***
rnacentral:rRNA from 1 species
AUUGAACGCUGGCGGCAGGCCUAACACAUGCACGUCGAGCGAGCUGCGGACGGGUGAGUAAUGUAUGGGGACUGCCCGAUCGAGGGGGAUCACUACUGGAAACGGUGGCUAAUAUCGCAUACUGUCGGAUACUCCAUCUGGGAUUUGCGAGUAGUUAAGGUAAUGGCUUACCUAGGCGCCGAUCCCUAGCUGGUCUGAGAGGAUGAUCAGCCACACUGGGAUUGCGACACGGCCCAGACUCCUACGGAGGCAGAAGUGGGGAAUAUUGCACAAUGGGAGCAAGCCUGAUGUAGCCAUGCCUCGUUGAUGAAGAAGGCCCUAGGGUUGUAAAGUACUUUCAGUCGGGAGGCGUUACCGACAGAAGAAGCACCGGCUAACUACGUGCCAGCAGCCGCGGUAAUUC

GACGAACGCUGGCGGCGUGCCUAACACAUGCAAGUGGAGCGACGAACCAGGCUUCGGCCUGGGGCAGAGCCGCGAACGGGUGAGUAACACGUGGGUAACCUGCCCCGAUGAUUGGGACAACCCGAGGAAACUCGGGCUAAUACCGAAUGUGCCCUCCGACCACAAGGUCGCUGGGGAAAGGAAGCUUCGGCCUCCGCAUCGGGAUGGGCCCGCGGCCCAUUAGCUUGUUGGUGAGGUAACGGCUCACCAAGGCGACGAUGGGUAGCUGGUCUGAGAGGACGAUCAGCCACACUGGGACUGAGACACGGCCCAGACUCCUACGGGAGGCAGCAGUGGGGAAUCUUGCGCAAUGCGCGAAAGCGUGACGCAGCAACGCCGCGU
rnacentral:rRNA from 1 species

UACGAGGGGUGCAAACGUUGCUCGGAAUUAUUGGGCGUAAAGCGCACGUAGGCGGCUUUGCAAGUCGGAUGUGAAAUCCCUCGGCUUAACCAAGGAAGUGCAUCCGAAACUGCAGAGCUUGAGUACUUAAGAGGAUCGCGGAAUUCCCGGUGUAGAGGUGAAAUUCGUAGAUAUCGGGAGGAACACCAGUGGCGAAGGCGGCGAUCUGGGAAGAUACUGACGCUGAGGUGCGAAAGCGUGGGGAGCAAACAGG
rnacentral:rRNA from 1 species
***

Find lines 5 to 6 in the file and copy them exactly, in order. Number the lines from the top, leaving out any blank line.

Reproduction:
UACGAGGGGUGCAAACGUUGCUCGGAAUUAUUGGGCGUAAAGCGCACGUAGGCGGCUUUGCAAGUCGGAUGUGAAAUCCCUCGGCUUAACCAAGGAAGUGCAUCCGAAACUGCAGAGCUUGAGUACUUAAGAGGAUCGCGGAAUUCCCGGUGUAGAGGUGAAAUUCGUAGAUAUCGGGAGGAACACCAGUGGCGAAGGCGGCGAUCUGGGAAGAUACUGACGCUGAGGUGCGAAAGCGUGGGGAGCAAACAGG
rnacentral:rRNA from 1 species